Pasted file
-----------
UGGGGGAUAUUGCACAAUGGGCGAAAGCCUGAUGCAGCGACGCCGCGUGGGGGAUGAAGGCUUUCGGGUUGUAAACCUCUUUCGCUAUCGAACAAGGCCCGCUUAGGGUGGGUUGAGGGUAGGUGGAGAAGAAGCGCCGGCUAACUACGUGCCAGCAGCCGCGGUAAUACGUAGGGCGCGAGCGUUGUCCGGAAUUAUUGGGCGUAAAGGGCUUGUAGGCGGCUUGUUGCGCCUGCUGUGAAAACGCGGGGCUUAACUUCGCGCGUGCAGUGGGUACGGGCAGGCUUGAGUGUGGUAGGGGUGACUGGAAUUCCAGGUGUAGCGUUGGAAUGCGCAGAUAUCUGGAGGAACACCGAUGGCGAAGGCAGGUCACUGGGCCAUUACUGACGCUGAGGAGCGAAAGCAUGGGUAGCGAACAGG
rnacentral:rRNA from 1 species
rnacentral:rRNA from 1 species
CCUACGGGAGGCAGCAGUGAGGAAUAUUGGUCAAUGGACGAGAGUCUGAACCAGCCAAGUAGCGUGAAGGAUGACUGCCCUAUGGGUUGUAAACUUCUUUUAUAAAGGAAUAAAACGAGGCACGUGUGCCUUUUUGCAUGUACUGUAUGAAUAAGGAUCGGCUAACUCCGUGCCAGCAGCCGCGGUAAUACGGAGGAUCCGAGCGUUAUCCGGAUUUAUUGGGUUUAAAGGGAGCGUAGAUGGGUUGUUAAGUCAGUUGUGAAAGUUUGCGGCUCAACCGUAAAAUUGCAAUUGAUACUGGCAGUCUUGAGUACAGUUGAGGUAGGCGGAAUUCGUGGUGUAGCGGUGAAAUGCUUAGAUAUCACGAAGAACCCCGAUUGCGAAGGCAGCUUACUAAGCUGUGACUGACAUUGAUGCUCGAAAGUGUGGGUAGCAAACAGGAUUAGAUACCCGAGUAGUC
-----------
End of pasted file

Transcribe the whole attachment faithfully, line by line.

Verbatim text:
UGGGGGAUAUUGCACAAUGGGCGAAAGCCUGAUGCAGCGACGCCGCGUGGGGGAUGAAGGCUUUCGGGUUGUAAACCUCUUUCGCUAUCGAACAAGGCCCGCUUAGGGUGGGUUGAGGGUAGGUGGAGAAGAAGCGCCGGCUAACUACGUGCCAGCAGCCGCGGUAAUACGUAGGGCGCGAGCGUUGUCCGGAAUUAUUGGGCGUAAAGGGCUUGUAGGCGGCUUGUUGCGCCUGCUGUGAAAACGCGGGGCUUAACUUCGCGCGUGCAGUGGGUACGGGCAGGCUUGAGUGUGGUAGGGGUGACUGGAAUUCCAGGUGUAGCGUUGGAAUGCGCAGAUAUCUGGAGGAACACCGAUGGCGAAGGCAGGUCACUGGGCCAUUACUGACGCUGAGGAGCGAAAGCAUGGGUAGCGAACAGG
rnacentral:rRNA from 1 species
rnacentral:rRNA from 1 species
CCUACGGGAGGCAGCAGUGAGGAAUAUUGGUCAAUGGACGAGAGUCUGAACCAGCCAAGUAGCGUGAAGGAUGACUGCCCUAUGGGUUGUAAACUUCUUUUAUAAAGGAAUAAAACGAGGCACGUGUGCCUUUUUGCAUGUACUGUAUGAAUAAGGAUCGGCUAACUCCGUGCCAGCAGCCGCGGUAAUACGGAGGAUCCGAGCGUUAUCCGGAUUUAUUGGGUUUAAAGGGAGCGUAGAUGGGUUGUUAAGUCAGUUGUGAAAGUUUGCGGCUCAACCGUAAAAUUGCAAUUGAUACUGGCAGUCUUGAGUACAGUUGAGGUAGGCGGAAUUCGUGGUGUAGCGGUGAAAUGCUUAGAUAUCACGAAGAACCCCGAUUGCGAAGGCAGCUUACUAAGCUGUGACUGACAUUGAUGCUCGAAAGUGUGGGUAGCAAACAGGAUUAGAUACCCGAGUAGUC